Aaron Benton is an experienced architect who specializes in creative solutions to develop innovative mobile applications. He has over 10 years experience in full stack development, including ColdFusion, SQL, NoSQL, JavaScript, HTML, and CSS. Aaron is currently an Applications Architect for Shop.com in Greensboro, North Carolina and is a Couchbase Community Champion.

Aaron Benton

FakeIt Series 3 of 5: Lean Models through Definitions

In our previous post FakeIt Series 2 of 5: Shared Data and Dependencies we saw how to create multi-model dependencies with FakeIt. Today we are going to look at how we can create the same, but smaller models by leveraging definitions.

Definitions are a way of creating reusable set(s) within your model. It allows you to define a set of properties / values one time, referencing them multiple times throughout your model. Definitions in a FakeIt model are very similar to how definitions are used in the Swagger / Open API Specification.

Users Model

We will start with our users.yaml model that we defined in our first post.

Lets say that we have a new requirement where we have to support a home and work address for each user. Based on this requirement, we have decided to create a top-level property named addresses that will contain nested properties of home and work.

Our users.yaml model will need to be updated to support these new address properties.

(For brevity the other properties have been left off of the model definition)

As you can see our home and work address properties contain the exact same nested properties. This duplication makes our model bigger and more verbose. Additionally, what happens if our address requirements need to change? We’d have to make two updates to keep the structure the same. This is where we can take advantage of definitions, by defining a single way to create an address and reference it.

(For brevity the other properties have been left off of the model definition)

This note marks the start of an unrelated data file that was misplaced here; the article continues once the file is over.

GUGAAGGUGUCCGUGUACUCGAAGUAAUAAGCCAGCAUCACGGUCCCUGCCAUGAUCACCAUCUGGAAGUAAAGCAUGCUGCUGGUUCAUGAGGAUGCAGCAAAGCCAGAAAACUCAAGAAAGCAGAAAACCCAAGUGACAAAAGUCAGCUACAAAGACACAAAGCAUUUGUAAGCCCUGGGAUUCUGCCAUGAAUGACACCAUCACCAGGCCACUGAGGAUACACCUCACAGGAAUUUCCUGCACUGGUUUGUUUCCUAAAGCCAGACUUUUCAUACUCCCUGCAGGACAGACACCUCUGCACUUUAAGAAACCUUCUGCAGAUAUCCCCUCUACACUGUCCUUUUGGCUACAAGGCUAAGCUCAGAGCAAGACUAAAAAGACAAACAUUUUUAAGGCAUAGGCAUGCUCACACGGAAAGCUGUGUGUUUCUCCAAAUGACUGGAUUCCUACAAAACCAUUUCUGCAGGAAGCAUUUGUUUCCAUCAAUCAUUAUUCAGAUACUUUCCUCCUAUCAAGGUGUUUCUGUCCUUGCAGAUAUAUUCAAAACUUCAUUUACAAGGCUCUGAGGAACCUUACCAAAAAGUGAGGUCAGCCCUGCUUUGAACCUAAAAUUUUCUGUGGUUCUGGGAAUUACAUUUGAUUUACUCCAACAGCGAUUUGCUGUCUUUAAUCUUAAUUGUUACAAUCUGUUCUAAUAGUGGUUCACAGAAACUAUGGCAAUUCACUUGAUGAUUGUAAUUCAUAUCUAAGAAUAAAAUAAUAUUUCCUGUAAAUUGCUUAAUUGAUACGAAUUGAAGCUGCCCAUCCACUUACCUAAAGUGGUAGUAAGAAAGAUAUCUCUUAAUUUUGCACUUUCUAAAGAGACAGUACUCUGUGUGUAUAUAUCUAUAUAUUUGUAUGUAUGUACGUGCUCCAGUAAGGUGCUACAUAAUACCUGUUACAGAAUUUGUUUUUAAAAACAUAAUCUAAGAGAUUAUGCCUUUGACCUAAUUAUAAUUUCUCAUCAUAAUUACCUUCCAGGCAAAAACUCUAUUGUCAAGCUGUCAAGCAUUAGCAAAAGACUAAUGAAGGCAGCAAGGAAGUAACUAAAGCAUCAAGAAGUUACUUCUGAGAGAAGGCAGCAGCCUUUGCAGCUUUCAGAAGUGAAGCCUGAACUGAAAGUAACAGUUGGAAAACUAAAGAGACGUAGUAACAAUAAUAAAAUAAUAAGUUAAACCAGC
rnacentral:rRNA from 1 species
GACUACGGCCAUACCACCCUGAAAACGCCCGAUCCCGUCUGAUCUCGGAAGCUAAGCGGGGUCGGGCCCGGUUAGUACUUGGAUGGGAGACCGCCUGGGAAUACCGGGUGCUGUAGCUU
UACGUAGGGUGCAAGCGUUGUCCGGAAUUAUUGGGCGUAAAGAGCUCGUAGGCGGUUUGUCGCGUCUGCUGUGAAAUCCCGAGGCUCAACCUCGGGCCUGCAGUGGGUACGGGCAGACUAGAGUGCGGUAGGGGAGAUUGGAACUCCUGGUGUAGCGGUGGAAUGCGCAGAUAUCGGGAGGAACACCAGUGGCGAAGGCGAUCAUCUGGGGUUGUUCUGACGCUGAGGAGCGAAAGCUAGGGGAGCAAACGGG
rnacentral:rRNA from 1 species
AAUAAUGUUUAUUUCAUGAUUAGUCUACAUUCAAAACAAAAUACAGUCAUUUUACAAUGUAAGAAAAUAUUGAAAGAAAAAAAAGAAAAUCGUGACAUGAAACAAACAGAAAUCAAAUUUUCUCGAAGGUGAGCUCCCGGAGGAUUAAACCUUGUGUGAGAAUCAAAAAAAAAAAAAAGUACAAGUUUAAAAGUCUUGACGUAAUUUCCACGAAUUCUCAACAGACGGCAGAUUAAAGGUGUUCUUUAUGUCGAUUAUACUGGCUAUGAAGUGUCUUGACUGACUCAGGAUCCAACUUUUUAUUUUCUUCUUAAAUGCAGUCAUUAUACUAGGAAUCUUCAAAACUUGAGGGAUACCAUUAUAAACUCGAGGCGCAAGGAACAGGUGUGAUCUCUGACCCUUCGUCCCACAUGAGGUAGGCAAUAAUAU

Definitions are defined at the root of the model by specifying a definitions: property, then the name of the definition. Definitions are referenced by using $ref with the value being the path to the definition, for example #/definitions/Address. By using definitions we have saved almost 30 lines of code in our model and created a single place for how an Address is to be defined and generated within our Users model.

We can test the output of our updated Users model addresses using the following command:

blog3 example1

Now, lets say we have a requirement to store a Users main phone number, and then store optional additional phone numbers i.e. Home, Work, Mobile, Fax, etc. For this change we will use two new top-level properties: main_phone and additional_phones that is an array.

While this may not be the most practical data model, or how I personally would have modeled this data we can use this example again to illustrate how we can take advantage of using definitions within our FakeIt model.

(For brevity the other properties have been left off of the model definition)

For this example we have created a Phone definition that contains 3 properties: type, phone_number and extension. You will notice that we have defined a post_build function on the main_phone property that removes the type attribute. This is illustrating how definitions can be used in conjunction with a build function to manipulate what is returned by the definition. The additional_phones property is an array of Phone definitions that will generate between 1 – 4 phones. We can test the output of our updated Users model phone numbers using the following command:

blog3 example2

Conclusion

Definitions allow you to streamline your FakeIt models by creating reusable sets of code for smaller more efficient models.

Up Next

  • FakeIt Series 4 of 5: Working with Existing Data
  • FakeIt Series 5 of 5: Rapid Mobile Development w/ Sync-Gateway

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Couchbase Champion This post is part of the Couchbase Community Writing Program

Posted by Laura Czajkowski, Developer Community Manager, Couchbase

Laura Czajkowski is the Snr. Developer Community Manager at Couchbase overseeing the community, our incentive programs, Experts and Champions group, meetups, and defining our presence at developer events. She’s also responsible for our monthly developer newsletter and engaging with our community in various forms. Laura has been active in Open Source communities since 2000 and has been involved in various activities, including leading and organising conferences on software testing, documentation, and advocacy. Laura is an Open Source advocate and regular conference speaker who is passionate about getting people – everyone from primary school students to technology professionals – involved in Open Source communities both on IRC and in face-to-face discussions, she is easily found online at @czajkowski on twitter and on freenode.

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